YMMV,

PDR

Sallyann1234
24th Jan 2018, 15:23
Easy - he's probably Polish. Polish tradesmen/women (in my experience) actually have the master-craftsmen/women skills they claim and do a professional job on-time and on-budget. I gather their British equivilents would get thrown out of the "Guild of Master Craftsmen" if they ever delievr a job on time, or without demanding more money, or that doesn't look like a complete dogs dinner when they're finished.

I have employed a small group of Polish builders for a large project and they did a first-class job at a good price. According to some on here I was guilty of putting English tradesmen out of work.

But that was not the point of my post.

I was querying the ability of one man to be a 'specialist' in all the various trades involving in building.

SPECIALIST
1 Possessing or involving detailed knowledge or study of a restricted topic.

Saintsman
24th Jan 2018, 16:21
The problem with a lot of the younger ‘tradesmen’ is that they lack a lot of the basic skills because they never served their time in the sense that things are a lot more complicated or reliable these days, so they never got in to the guts of anything.

For example I learned so much with my first car (mk1 Escort) because one, it always needed fixing and two, it wasn’t that complicated. It gave me the confidence to work on other things.

Youngsters these days rarely get that sort of experience and it has handicapped them.

Pontius Navigator
24th Jan 2018, 20:39
After being in one village we know our craftsmen. Our preferred handyman has plastered our conservatory, fitted a bathroom work top, fitted a fire door, fitted a front door ", replaced a series of blown bricks below the DPC. We get the materials, he charges £100 per day pro rata.

* no FENSA certificate.

Tiler, plumber, electrian, decorator, all on recommendation.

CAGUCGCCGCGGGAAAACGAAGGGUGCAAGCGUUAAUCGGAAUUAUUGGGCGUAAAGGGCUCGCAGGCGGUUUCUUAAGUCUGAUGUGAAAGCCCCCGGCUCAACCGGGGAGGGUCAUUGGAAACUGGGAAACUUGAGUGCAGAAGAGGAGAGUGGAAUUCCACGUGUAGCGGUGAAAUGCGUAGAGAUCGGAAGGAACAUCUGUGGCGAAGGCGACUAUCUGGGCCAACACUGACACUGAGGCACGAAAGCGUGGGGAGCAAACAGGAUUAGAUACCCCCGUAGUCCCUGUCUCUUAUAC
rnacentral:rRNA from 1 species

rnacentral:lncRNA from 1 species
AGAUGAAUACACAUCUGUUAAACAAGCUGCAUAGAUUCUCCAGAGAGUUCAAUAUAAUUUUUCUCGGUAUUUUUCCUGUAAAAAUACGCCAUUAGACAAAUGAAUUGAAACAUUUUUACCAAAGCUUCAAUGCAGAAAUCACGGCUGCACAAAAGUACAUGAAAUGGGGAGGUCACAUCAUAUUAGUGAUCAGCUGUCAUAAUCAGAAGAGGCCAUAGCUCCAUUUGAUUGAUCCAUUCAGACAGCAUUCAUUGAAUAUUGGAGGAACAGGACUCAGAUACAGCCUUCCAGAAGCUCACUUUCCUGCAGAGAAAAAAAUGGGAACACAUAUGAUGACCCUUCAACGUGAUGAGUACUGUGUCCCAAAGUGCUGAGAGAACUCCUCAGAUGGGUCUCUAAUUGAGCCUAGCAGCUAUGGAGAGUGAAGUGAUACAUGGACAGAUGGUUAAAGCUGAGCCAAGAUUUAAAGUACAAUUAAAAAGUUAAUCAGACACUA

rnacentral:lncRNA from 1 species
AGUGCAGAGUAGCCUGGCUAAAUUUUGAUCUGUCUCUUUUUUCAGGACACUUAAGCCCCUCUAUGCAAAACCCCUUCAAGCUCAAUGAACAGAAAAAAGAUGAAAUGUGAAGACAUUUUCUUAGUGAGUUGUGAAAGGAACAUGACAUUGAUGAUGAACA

We have just moved. Now we need to find all these tradesmen again.

jimtherev
24th Jan 2018, 22:02
I had a six-figure rebuild job done in one of my churches. The best tender by far was a Jamaican company from Southall. All the advice was 'don't take 'em! Reggai, pot, dodgy hours, overcharging, extras, yada yada.'
Took a deep breath, (and charity law advice - lowest tender & so on) and engaged them.
Completed two weeks early and under budget... and a nicer load of blokes you could never meet.


I had a good yada yada back to my 'expert advisors'.

anchorhold
25th Jan 2018, 09:48
Jimtherev .... Interestesing you mentioning, are charity really expected to tender, because I have been meaning to take this up with my bishop in repect of those contracted by diocese such as a law firm, builder, architect, land agent, etc..

Also under charity law, surely you put out a tender and accept what is the best value?

jimtherev
25th Jan 2018, 22:24
Jimtherev .... Interestesing you mentioning, are charity really expected to tender, because I have been meaning to take this up with my bishop in repect of those contracted by diocese such as a law firm, builder, architect, land agent, etc..

Also under charity law, surely you put out a tender and accept what is the best value?
It's sometimes an advantage to be non-conformist as I am. I don't know nuffin about Canon Law, except that colleagues tell me it's usually a pain in the wotsit - but occasionally v. helpful indeed.


And yes, the criterion is best value, not just lowest price, of course.

Pontius Navigator
26th Jan 2018, 18:44
Lowest price is easy to judge objectively; best value is a subjective call.

Ogre
26th Jan 2018, 23:36
For example I learned so much with my first car (mk1 Escort) because one, it always needed fixing and two, it wasn’t that complicated. It gave me the confidence to work on other things.

I had a similar experience with my two Cortinas, Ford bolted everything together with either 10mm or 13mm nuts, after a number of years the rest of the sockets in my tool box were shiny as new.